Day 2 and we’ve already racked up some serious miles in the Septura battle bus. So far we’ve resisted the urge to stencil the group’s logo onto the side of the vehicle, and the only thing we’ve knocked over has been a very unfortunate traffic cone on the Interstate.
We woke up this morning in Stillwater, Oklahoma, well rested & refreshed from our stay in the beautiful Atherton Hotel on the Oklahoma State University campus. The hospitality extended to us at OSU was genuinely extraordinary. We said our goodbyes to my very good friends Paul & Lanette Compton and then piled into the van. The other lads are starting to become acquainted with the Interstate freeway that dissects the continental USA, I35. We’ll be traveling hundreds of miles on this stretch of tarmac that spans from the US/Mexico border in the south all the way to Lake Superior in the north.
Today we spent about 4 hours on I35, finally reaching Fort Worth in time for our rehearsal ahead of the concert at Texas Wesleyan University. The Texan border welcomed us with the sight of a familiar London landmark, which happens to adorn the front of a casino.
In many ways this USA road trip is a trip down memory lane for me. I spent a few years in Texas, earning my Bachelors degree from the University of North Texas – a campus which is clearly visible from I35. I’ll spare our loyal readers the nostalgia trip of a nearly middle-aged bass trombonist, but I have to mention how nice it has been to catch up with friends who I haven’t seen since I finished my degree and moved to London in 2005. Fort Worth Symphony Orchestra bass trombonist Dennis Bubert taught me for a year at UNT, and I was excited (if not slightly nervous) to see him in attendance at our Texas Wesleyan University concert.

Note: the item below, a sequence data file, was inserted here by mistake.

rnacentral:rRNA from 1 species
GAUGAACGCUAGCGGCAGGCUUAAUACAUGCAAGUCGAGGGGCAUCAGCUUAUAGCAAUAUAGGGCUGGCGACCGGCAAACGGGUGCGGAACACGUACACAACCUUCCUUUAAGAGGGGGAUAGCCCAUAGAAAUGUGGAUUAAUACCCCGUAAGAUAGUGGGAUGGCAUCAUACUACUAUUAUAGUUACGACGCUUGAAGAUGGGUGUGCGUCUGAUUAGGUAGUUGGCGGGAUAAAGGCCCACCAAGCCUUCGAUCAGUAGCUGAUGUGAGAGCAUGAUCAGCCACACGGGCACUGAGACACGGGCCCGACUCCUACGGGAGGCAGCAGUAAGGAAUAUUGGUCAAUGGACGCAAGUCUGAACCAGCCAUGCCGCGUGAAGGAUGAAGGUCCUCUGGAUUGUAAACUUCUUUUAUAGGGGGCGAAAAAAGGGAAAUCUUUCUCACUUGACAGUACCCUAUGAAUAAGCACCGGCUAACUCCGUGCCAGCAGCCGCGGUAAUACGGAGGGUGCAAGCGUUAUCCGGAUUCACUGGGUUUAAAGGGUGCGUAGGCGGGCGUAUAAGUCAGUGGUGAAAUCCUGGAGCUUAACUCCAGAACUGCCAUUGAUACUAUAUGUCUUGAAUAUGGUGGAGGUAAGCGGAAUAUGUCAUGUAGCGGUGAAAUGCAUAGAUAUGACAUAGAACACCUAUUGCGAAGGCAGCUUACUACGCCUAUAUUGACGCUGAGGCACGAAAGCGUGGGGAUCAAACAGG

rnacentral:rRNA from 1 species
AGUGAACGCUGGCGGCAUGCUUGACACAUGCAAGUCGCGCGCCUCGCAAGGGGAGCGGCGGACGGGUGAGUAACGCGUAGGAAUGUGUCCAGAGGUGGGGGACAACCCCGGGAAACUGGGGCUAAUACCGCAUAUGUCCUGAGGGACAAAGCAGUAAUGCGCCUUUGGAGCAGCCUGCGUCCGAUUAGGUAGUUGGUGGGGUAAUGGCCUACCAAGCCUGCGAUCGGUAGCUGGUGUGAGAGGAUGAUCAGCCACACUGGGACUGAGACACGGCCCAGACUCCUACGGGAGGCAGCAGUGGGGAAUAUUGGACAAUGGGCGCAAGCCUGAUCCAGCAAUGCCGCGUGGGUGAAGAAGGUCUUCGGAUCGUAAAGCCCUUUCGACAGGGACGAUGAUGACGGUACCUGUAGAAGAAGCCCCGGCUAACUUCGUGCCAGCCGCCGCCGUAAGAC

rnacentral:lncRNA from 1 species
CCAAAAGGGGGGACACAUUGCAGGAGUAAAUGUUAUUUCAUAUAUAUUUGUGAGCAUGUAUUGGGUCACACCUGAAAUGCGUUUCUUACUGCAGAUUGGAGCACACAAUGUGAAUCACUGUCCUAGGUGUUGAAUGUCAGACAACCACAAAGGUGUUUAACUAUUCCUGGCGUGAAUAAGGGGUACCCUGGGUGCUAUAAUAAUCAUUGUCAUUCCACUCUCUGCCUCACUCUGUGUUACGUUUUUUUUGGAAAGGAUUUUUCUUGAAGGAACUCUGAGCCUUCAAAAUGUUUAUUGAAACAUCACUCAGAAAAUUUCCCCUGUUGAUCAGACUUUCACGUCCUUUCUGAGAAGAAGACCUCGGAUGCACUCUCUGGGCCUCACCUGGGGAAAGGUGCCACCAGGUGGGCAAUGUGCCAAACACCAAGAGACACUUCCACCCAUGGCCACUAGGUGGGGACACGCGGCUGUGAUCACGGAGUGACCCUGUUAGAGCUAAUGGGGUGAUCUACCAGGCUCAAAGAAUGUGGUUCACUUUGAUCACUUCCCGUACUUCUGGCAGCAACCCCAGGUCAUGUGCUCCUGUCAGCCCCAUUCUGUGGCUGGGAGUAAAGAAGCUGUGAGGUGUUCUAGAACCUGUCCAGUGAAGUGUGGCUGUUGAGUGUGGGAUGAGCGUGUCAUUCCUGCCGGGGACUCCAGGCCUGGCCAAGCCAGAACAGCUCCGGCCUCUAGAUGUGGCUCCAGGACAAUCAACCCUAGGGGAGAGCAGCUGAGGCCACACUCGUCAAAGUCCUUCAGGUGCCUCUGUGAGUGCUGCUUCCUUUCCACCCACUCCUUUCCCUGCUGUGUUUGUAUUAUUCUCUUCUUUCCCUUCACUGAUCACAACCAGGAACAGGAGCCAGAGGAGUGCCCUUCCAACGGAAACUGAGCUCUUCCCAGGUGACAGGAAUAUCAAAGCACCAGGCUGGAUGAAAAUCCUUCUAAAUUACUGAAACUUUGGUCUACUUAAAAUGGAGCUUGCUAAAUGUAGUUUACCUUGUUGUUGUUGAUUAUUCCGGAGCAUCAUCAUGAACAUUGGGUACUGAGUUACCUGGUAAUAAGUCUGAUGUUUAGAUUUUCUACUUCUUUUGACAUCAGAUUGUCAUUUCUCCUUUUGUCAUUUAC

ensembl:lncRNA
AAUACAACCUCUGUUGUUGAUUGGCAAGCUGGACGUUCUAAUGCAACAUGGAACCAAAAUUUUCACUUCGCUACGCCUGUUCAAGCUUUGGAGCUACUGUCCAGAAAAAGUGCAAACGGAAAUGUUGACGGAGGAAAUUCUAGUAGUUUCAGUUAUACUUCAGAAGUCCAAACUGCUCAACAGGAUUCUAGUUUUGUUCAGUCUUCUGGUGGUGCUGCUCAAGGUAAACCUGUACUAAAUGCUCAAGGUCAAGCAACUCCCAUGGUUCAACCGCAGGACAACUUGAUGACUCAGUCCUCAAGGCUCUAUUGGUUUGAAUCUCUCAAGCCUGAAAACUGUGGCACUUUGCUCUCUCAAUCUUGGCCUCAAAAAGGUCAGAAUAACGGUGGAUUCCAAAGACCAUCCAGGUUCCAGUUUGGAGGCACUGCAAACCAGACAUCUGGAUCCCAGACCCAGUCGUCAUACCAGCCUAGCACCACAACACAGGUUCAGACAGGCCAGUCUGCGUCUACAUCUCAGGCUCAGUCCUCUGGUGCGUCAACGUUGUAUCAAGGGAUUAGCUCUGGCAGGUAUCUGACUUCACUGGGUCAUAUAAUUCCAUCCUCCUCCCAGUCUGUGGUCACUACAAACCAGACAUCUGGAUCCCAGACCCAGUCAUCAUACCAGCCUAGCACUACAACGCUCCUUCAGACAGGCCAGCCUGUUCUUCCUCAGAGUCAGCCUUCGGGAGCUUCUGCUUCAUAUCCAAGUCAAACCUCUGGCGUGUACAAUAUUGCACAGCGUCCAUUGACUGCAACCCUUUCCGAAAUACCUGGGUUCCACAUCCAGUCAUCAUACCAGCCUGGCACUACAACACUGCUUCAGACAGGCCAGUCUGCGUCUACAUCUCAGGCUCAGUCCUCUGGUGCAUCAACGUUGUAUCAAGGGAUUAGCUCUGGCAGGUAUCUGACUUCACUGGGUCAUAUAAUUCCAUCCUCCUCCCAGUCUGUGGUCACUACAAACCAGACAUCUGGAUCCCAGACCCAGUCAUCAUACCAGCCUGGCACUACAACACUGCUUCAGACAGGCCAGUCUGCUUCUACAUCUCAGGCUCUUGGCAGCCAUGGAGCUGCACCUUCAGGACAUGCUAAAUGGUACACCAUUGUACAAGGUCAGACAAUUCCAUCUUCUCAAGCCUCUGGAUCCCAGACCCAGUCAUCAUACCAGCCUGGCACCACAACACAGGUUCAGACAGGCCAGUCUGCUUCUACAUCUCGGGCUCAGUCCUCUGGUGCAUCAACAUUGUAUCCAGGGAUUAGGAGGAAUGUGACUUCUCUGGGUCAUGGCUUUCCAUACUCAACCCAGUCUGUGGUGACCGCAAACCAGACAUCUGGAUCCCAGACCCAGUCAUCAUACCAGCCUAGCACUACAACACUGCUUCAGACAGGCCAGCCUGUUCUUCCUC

Once again our hosts exhibited the friendly hospitality that is typical in this part of the world. After setting up in Martin Hall we were ready for our second concert of the Ravel/Debussy/Gershwin programme which we’ve debuted on this tour. The hall offered us a rich acoustic which especially suited the French music in the first half. The all-Gershwin 2nd half seems to get toes tapping and Coxy’s performance on the car horn was especially superlative. We were rewarded for our efforts with another standing ovation and a record number of CDs sold in the interval.
Celebrations ensued at, what is in my opinion, the finest drinking establishment in Fort Worth: the Flying Saucer. Our friends David Begnoche (trombone professor –Texas Christian University) and Michael Martin (trumpet – Boston Symphony Orchestra) joined us and my college buddies for a couple of jars (and evermore chicken wings). Hundreds of beers are featured on the menu at the Flying Saucer, and we managed to sample a few before the sensible members of the group retired to recharge batteries ahead of the long voyage in the morning.
Tomorrow we’re retracing our steps and heading north on I35, bypassing Oklahoma on the way to our 3rd concert of the tour, this time in Manhattan, Kansas. It should take about 7 hours, and I’ve baggsied the right to sleep for the first driving shift, having enthusiastically reminisced about the Good Ol’ Days with my Texan friends until the whee hours of the morning.
Standing ovations: 2
Distance travelled: 5278 miles
Time on the bus: 5 hrs
Time on planes: 11 hrs 31 mins